Mi’kmaq Moose Petroglyph, sourced from Author’s [Rob] personal collection

This point that Rob highlights, regarding relationship building before a project is implemented, relates well to a term introduced by Indigenous leaders like Willie Ermine, Danika Littlechild, Reg Crowshoe, and Eli Enns: the Ethical Space. By firstly establishing a respect for the different worldviews and various ways of knowing that will be coming together in a partnership, we see a space open between these distinct partners; “the sacred space of the ethical helps us balance these moral considerations as we discuss issues that are transcultural, or trans-boundary in nature” (Ermine, 2007; pp. 195 – 196). Through firstly respecting the distinctness between worldviews, we can then begin to find shared values.

How can park leaders imbue ethical space while still working within their agencies’ mandates?

In Rob’s experience, it often boils down to your ability to build human-to-human relationships. Although relationship building seems like second nature to many, it’s a craft with no scientific means – often making it difficult to operationalize through park agencies. 

As Rob explains, “Regarding the relationship piece… I think it’s just about being open to the possibility that I’ve got to learn about this person and community, I’ve got to get to know this person and community and understand what is important to them, and in recognizing, again, you’re just a human being. At the same time, as a government representative, you must also recognize and acknowledge the history of this country and the role the government played in that history with Indigenous peoples.  When you are having these discussions, words and actions are important; commitments and following through on those commitments is important – that’s how you build trust. And that is true of any relationship. Recognizing that people are different and that this is another human relationship, I think is very helpful.”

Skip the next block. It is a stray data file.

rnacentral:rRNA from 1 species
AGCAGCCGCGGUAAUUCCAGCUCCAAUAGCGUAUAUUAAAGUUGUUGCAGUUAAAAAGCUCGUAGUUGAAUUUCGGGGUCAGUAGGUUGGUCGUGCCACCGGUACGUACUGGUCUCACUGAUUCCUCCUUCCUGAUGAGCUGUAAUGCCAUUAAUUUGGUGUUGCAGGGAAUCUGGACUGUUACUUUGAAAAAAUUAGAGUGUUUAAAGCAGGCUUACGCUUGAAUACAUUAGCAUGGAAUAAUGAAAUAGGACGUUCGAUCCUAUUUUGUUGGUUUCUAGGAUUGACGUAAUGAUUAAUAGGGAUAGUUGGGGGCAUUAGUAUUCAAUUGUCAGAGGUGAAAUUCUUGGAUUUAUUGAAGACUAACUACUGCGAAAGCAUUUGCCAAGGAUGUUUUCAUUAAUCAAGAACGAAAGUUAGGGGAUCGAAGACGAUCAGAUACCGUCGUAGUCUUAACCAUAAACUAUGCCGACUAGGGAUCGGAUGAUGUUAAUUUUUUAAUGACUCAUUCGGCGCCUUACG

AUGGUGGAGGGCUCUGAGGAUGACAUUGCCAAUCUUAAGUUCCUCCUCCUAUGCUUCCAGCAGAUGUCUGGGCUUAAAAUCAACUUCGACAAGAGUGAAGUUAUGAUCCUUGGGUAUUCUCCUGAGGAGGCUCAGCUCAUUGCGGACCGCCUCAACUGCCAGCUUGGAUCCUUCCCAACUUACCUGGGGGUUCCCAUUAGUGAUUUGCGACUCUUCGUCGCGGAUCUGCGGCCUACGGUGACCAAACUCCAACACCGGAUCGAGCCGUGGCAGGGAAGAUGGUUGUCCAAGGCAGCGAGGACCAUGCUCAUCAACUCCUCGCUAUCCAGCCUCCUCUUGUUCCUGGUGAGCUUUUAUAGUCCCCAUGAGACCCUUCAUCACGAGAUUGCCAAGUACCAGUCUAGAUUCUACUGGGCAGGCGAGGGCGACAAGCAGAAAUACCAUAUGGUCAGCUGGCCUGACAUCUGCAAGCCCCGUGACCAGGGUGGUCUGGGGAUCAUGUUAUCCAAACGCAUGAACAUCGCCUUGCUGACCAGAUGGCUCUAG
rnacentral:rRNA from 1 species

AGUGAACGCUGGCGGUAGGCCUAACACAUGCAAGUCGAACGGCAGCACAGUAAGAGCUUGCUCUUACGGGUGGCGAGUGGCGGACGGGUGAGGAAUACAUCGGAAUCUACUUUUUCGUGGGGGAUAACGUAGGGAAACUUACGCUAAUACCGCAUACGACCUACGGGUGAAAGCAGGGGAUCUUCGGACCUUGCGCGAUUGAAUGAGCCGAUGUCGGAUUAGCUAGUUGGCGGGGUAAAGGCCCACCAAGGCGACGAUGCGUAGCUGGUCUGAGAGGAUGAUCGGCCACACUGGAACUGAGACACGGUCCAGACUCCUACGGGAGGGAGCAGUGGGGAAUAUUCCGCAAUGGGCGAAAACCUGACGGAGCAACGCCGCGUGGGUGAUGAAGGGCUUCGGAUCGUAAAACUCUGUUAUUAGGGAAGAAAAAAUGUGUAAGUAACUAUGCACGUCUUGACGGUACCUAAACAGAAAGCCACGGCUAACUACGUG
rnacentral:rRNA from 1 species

As noted, relationship building is difficult to operationalize. To help make this discussion applicable to park leaders, we can look to Rob’s experiences with the Bring Back the Boreal project for some tangible examples.

A Conversation About Lessons Learned from the CBHNP Bring Back the Boreal Program

Brodie: You’ve said that building relationships can be kind of daunting for park leaders sometimes, or maybe there’s nervousness of not knowing how to go into it, could you highlight some means of building relationships?

Rob: I have a story from a couple of years ago that could apply here: